Inspired by Make Yourself Unforgettable
Consider this situation: A young, ambitious executive at a multinational company got a big promotion. There was only one condition. He had to move to Cairo, Egypt. He went home to his new wife and their baby and said, "Great news, we're moving to Cairo." His wife was stunned. She said, "You're moving alone. I'm going home to my mother."
This was a test of courage in that family. There was no viable compromise: If he relinquished his promotion, he would resent his wife for ruining his career; if she just went along with the move, she would hate him for ignoring her dreams for her baby and herself. What to do?
After some discussion, they might have been tempted to believe that maturity required them to deny their feelings and to sacrifice on behalf of each other. But instead, they went back to the fundamentals: Is it my career, or is it our career? Is it your baby, or is it our baby? Are we individuals, or do we operate as a team? What are our values? That marriage had to grow up by the equivalent of five years in about two weeks. They ended up going to Cairo, but their relationship had been transformed: She understood that his career was important to her. He recommitted to his values as a partner in the family. What matters is not what they ended up choosing, but how they made the choice. They took the courageous step to redefine, from the inside out, who they truly were.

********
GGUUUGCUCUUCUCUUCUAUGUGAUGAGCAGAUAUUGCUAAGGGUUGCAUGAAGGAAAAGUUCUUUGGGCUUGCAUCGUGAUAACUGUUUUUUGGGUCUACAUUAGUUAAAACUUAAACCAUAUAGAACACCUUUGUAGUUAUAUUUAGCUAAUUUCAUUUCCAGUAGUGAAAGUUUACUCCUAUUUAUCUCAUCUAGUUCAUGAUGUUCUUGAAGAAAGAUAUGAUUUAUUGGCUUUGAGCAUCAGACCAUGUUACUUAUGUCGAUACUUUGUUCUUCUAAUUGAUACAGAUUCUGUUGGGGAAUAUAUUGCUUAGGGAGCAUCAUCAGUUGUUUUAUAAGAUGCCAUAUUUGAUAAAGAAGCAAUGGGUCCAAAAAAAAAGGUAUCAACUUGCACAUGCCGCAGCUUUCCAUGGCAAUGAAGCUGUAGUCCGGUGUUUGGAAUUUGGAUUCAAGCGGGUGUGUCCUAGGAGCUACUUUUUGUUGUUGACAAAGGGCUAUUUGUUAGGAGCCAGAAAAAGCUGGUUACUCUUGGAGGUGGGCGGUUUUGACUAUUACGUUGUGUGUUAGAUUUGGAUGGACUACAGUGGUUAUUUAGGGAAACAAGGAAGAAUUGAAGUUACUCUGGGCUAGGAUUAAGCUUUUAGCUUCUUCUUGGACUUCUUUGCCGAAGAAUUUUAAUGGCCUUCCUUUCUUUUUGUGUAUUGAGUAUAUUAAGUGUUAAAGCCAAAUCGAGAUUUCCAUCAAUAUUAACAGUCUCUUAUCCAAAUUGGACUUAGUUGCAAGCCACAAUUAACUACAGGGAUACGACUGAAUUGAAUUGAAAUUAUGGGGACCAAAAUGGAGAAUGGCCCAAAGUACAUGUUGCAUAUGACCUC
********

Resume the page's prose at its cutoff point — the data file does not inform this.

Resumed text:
Courage is a very special human quality — and some would say it’s becoming increasingly rare. Courage is the trait the ancient Greeks held to be the foundation of all other virtues. What's the difference between an average leader and a great leader? Between an average parent and an outstanding one? Between a worker who steps up in all situations and one who hides in the background? The difference is courage.